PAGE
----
Tyler the Creator and Lionel “L-Boy” Boyce pull up to a suburban house in a squad car. As Officer Morgan and Officer Palmer, a pair of reality TV cops with aviators and stereotypically aggro police bravado, they’re here to respond to a domestic disturbance. The suspect cannot keep his hands to himself, apparently, and as the pair walks through the door, all evidence confirms as much: cats meow, a baby cries, dishes break.
Guns drawn, they round the corner to the scene of the crime: in the bungalow’s kitchen, a pair of inflatable wind dancers—the kind usually seen beckoning customers into strip malls and used car lots—are going at it, the tiny space hardly able to contain them. The husband, identifiably blue, is freaking out on his red tube dancer wife. Tyler-as-Officer-Morgan rashly shoots him “dead” and plants incriminating evidence, in the form of a butter knife plucked from the kitchen, onto the rapidly shrinking “body.”
“You seen him come at me with the knife, right, cameraman?” Tyler asks. “He almost killed him!” adds Lionel. It’s a perfect—and perfectly absurd—delivery.
In another scene, Taco Bennett is staring straight into the camera, a barely-there adolescent moustache peeking out over his omnipresent smirk.
CAMERA PERSON: Do you think it’s cool dropping n-bombs all the time?
TACO BENNETT: Hell yeah.
TB: The n-word is just so—cause only a select few can use it. Like, if Tom Cruise said “nigga” everybody would make a big deal out of it. But if Will Smith said “nigga” everybody would be like, oh, it’s whatever. But that shit’s amazing, my nigga. You feel me?
CP: No, I’m actually kind of offended by it.
TB: You offended and you white?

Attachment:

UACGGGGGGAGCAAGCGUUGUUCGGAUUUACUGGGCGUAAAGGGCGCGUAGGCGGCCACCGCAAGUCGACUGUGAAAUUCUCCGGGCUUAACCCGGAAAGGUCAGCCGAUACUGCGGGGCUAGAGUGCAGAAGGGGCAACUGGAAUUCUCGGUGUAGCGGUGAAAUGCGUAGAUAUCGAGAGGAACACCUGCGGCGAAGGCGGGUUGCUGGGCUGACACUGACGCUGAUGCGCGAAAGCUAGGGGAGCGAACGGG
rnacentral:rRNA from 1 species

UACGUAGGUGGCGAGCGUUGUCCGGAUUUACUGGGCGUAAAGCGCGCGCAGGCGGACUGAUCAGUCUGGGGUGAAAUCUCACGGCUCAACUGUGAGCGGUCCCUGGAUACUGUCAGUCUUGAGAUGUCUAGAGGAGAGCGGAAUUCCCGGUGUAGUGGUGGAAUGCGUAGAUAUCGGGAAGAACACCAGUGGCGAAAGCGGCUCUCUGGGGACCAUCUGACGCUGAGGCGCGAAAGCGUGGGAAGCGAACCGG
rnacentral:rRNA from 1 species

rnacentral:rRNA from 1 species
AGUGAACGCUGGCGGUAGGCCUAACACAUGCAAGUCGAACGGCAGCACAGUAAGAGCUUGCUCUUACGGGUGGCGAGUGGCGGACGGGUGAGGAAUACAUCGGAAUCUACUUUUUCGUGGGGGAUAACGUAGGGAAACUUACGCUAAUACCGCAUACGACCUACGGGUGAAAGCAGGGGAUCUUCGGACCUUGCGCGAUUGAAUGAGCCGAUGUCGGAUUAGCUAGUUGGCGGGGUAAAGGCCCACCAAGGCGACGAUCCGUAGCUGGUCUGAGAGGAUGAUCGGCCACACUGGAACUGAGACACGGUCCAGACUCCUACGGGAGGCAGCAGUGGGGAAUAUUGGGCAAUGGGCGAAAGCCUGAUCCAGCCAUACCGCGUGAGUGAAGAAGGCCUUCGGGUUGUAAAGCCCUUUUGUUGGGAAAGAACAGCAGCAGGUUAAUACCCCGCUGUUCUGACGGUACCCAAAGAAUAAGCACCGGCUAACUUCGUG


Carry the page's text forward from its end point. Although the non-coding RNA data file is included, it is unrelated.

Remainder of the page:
TB: You a stupid nigga.
Both of these sketches are from Odd Future’s Adult Swim comedy show, Loiter Squad, an odd, surreal sprint through the mind of a millennial brain with ADD. In weekly 15-minute-long increments, produced by Johnny Knoxville’s Dickhouse Productions, Tyler, Lionel, Taco, Jasper Dolphin, Earl Sweatshirt, and a rotating cast of other Odd Future members and affiliates make a case for the unlikely brilliance of the collective’s kinetic teen-boy ethos.
Loiter Squad, which is currently several episodes into its third season, is mostly a mashup of wild sketch scenarios, Jackass-style slapstick, and terroristic on-the-street humour interspersed with social commentary so astute it often seems impossible. Sketches and improvised scenes form no real narrative. Instead, they’re linked together by quick cuts of Odd Future’s Tyler-guided brand of Internet art: a psychedelic cat here, a green screen of the cosmos there. Frankly, Loiter Squad makes no sense. But its lack of linear continuity is its defining characteristic: a tongue-in-cheek acknowledgment that life is weird and crazy and impossible to make sense of, especially for a group of young black boys with the budget, audience, and balls to do pretty much whatever they want.
“One reason for [the concealment of black humour from the public] was the requirement of ‘proper’ behaviour in the presence of whites. Thus raucous Negro behaviour could not be allowed to offend the sensibilities of refined whites, especially white ladies,” wrote Daryl Cumber Dance in the introduction to Honey, Hush!, an anthology of black women’s humour published in 1998 and spanning centuries. That sentiment has guided much black comedy into segregation or, alternately, compromise.
Writing about Richard Pryor in The New Yorker in 1999, Hilton Als described one of the fundamental difficulties faced by black artists playing for white audiences: “The subject of blackness has taken a strange and unsatisfying journey through American thought: first, because blackness has almost always had to explain itself to a largely white audience in order to be heard, and, second, because it has generally been assumed to have only one story to tell—a story of oppression that plays on liberal guilt.” Als cites Pryor as an exception to this reality.